Tarski's writings on the concepts of truth and logical consequence rank among the most influential works in both logic and philosophy of the twentieth century. Because of this, it would be impossible to give a careful and accurate account of how far that influence reaches and of the complex route by which it spread. In logic, Tarski's methods of defining satisfaction and truth, as well as his work pioneering general model-theoretic techniques, have been entirely absorbed into the way the subject is presently done; they have become part of the fabric of contemporary logic, material presented in the initial pages of every modern textbook on the subject. In philosophy, the influence has been equally pervasive, extending not only to work in semantics and the philosophies of logic and language, but to less obviously allied areas such as epistemology and the philosophy of science as well.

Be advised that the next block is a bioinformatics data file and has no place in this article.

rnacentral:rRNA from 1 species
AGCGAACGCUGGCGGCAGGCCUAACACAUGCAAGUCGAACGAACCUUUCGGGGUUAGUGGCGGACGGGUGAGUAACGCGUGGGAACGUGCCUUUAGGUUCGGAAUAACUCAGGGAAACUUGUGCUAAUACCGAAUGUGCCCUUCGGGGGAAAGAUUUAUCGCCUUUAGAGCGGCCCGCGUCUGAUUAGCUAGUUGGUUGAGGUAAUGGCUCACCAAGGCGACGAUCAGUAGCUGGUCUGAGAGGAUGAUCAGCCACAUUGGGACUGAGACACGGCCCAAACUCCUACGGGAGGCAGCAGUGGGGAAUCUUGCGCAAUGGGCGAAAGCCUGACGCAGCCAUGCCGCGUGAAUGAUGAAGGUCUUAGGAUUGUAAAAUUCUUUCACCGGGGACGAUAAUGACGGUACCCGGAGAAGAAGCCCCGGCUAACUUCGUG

Rather than try to chart the wide-ranging influence of these writings or catalog the important research they have inspired, I will concentrate on various confusions and misunderstandings that continue to surround this work. For in spite of the extensive attention the work has received in the past fifty years, especially in the philosophical literature, misunderstandings of both conceptual and historical sorts are still remarkably widespread. Indeed in the philosophical community, recent reactions to Tarski's work on truth range from Karl Popper's “intense joy and relief” at Tarski's “legitimation” of the notion [1974, p. 399], to Hilary Putnam's assessment that “as a philosophical account of truth, Tarski's theory fails as badly as it is possible for an account to fail” [1985, p. 64]. Opinions have not exactly converged.